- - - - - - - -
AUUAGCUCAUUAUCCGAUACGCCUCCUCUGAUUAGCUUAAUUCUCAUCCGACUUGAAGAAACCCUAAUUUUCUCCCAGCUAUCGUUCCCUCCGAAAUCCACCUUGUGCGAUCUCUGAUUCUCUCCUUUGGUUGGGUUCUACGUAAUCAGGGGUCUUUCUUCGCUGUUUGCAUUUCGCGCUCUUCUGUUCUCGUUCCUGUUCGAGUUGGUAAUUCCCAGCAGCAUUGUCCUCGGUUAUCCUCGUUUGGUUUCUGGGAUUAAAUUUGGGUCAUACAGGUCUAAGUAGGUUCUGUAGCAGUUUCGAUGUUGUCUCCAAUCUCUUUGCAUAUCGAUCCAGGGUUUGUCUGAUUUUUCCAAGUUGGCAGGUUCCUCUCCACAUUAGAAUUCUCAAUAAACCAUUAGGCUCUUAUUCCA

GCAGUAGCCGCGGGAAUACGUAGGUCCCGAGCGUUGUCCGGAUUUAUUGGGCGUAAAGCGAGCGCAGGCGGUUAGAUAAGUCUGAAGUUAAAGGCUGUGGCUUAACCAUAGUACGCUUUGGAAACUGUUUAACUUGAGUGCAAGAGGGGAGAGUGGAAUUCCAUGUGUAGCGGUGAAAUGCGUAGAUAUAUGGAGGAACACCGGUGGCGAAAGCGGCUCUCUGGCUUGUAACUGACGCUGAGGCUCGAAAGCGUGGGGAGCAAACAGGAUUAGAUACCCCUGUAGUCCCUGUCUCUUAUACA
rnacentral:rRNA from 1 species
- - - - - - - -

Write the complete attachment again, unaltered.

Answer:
AUUAGCUCAUUAUCCGAUACGCCUCCUCUGAUUAGCUUAAUUCUCAUCCGACUUGAAGAAACCCUAAUUUUCUCCCAGCUAUCGUUCCCUCCGAAAUCCACCUUGUGCGAUCUCUGAUUCUCUCCUUUGGUUGGGUUCUACGUAAUCAGGGGUCUUUCUUCGCUGUUUGCAUUUCGCGCUCUUCUGUUCUCGUUCCUGUUCGAGUUGGUAAUUCCCAGCAGCAUUGUCCUCGGUUAUCCUCGUUUGGUUUCUGGGAUUAAAUUUGGGUCAUACAGGUCUAAGUAGGUUCUGUAGCAGUUUCGAUGUUGUCUCCAAUCUCUUUGCAUAUCGAUCCAGGGUUUGUCUGAUUUUUCCAAGUUGGCAGGUUCCUCUCCACAUUAGAAUUCUCAAUAAACCAUUAGGCUCUUAUUCCA

GCAGUAGCCGCGGGAAUACGUAGGUCCCGAGCGUUGUCCGGAUUUAUUGGGCGUAAAGCGAGCGCAGGCGGUUAGAUAAGUCUGAAGUUAAAGGCUGUGGCUUAACCAUAGUACGCUUUGGAAACUGUUUAACUUGAGUGCAAGAGGGGAGAGUGGAAUUCCAUGUGUAGCGGUGAAAUGCGUAGAUAUAUGGAGGAACACCGGUGGCGAAAGCGGCUCUCUGGCUUGUAACUGACGCUGAGGCUCGAAAGCGUGGGGAGCAAACAGGAUUAGAUACCCCUGUAGUCCCUGUCUCUUAUACA
rnacentral:rRNA from 1 species